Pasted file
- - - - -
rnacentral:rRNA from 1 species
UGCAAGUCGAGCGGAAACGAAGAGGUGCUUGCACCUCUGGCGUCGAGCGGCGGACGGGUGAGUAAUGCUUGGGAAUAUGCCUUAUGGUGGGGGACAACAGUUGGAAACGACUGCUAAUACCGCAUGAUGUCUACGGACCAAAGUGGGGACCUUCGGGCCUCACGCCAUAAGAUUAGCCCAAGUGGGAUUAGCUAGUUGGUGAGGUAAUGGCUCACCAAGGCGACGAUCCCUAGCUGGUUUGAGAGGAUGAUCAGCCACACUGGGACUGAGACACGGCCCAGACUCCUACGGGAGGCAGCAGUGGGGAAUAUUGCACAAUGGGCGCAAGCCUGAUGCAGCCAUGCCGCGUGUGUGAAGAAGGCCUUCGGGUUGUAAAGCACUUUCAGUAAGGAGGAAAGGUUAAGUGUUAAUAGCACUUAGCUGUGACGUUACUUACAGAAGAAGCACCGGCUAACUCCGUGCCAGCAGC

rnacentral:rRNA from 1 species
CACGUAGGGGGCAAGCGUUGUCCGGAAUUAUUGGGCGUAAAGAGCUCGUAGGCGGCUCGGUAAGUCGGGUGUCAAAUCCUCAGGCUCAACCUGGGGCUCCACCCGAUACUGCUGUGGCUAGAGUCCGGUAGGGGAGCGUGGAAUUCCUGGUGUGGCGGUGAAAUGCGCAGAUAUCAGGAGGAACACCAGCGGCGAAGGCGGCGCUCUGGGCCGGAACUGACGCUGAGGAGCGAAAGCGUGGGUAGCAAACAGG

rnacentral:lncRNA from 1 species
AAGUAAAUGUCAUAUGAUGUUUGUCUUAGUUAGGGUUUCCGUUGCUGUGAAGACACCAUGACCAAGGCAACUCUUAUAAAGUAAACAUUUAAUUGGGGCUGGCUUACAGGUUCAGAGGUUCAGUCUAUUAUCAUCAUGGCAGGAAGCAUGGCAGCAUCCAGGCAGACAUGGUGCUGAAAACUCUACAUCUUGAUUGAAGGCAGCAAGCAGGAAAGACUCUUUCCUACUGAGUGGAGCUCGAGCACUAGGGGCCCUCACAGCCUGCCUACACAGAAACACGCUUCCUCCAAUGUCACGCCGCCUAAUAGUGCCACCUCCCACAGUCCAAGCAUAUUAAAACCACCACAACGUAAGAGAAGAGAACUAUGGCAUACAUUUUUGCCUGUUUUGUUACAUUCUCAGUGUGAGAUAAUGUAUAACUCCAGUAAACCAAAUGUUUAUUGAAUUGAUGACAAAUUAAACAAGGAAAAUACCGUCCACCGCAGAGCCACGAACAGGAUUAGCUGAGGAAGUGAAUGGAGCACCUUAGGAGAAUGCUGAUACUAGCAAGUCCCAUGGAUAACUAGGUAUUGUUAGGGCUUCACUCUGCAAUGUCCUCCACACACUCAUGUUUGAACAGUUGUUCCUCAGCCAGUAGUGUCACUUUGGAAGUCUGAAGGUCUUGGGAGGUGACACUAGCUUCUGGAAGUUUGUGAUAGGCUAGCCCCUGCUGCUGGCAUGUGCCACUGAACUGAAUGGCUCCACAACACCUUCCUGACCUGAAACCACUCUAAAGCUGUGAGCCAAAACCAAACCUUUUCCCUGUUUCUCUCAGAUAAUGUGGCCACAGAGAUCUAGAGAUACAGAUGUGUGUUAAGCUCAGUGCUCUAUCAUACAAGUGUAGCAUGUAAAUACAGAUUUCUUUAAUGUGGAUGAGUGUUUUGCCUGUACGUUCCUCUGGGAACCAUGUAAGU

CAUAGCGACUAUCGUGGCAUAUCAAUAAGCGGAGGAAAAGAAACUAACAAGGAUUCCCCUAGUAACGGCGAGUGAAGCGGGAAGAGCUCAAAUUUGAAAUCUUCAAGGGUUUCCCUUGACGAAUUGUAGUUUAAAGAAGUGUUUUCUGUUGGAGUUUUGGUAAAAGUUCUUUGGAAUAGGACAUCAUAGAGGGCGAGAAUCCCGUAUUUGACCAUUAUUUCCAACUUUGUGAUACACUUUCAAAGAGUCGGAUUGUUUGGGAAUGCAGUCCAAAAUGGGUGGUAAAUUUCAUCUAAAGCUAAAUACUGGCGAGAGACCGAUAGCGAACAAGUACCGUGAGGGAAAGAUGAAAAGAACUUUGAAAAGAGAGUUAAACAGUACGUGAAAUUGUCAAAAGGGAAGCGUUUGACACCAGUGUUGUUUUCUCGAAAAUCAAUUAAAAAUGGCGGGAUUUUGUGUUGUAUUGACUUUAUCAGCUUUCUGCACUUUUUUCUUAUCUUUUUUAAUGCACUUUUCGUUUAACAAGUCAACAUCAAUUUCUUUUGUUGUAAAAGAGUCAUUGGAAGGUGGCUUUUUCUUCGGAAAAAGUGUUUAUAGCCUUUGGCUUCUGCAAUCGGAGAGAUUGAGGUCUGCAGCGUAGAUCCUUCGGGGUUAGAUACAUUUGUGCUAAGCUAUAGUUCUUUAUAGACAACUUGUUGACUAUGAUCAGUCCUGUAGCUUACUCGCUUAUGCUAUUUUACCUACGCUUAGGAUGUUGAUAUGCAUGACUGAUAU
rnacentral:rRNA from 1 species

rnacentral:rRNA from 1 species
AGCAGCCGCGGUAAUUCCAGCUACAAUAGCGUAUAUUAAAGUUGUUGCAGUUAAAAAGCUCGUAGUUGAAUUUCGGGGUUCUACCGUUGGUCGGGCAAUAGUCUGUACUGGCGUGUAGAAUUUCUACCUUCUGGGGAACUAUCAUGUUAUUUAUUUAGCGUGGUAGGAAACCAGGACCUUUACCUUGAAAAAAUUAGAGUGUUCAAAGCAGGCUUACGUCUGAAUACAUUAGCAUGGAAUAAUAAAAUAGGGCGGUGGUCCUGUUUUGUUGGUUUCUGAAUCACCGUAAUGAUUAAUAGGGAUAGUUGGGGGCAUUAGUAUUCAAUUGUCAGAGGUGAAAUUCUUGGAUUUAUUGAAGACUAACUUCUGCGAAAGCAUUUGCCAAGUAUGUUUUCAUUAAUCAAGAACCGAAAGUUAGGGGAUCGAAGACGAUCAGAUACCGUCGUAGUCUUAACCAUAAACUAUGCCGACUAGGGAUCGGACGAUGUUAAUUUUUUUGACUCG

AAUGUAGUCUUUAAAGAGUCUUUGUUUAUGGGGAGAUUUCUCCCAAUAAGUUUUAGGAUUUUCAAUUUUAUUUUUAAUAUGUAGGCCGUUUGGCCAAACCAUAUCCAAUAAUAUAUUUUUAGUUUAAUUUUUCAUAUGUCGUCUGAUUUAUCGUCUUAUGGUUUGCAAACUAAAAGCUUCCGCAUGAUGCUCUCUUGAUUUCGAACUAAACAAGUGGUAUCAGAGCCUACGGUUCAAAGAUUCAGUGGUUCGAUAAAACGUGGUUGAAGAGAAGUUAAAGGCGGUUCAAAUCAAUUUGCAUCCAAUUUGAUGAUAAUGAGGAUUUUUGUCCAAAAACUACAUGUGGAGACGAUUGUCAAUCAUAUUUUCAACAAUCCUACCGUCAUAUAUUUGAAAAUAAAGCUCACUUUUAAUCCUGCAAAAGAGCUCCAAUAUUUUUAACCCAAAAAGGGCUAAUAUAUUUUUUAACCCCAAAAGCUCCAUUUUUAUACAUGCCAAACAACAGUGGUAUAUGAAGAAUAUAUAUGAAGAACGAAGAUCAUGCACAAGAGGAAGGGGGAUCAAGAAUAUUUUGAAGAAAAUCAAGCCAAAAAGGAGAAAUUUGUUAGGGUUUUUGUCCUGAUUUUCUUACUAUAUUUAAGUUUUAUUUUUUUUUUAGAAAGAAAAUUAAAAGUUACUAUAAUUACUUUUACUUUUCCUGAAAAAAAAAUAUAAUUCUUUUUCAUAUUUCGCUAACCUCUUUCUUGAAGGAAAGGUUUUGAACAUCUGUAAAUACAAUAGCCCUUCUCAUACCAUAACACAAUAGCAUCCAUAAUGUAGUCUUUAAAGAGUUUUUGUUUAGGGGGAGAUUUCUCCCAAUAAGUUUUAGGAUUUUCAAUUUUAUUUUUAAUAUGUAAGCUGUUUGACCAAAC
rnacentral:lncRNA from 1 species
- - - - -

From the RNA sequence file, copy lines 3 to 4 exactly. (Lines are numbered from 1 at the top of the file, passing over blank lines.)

rnacentral:rRNA from 1 species
CACGUAGGGGGCAAGCGUUGUCCGGAAUUAUUGGGCGUAAAGAGCUCGUAGGCGGCUCGGUAAGUCGGGUGUCAAAUCCUCAGGCUCAACCUGGGGCUCCACCCGAUACUGCUGUGGCUAGAGUCCGGUAGGGGAGCGUGGAAUUCCUGGUGUGGCGGUGAAAUGCGCAGAUAUCAGGAGGAACACCAGCGGCGAAGGCGGCGCUCUGGGCCGGAACUGACGCUGAGGAGCGAAAGCGUGGGUAGCAAACAGG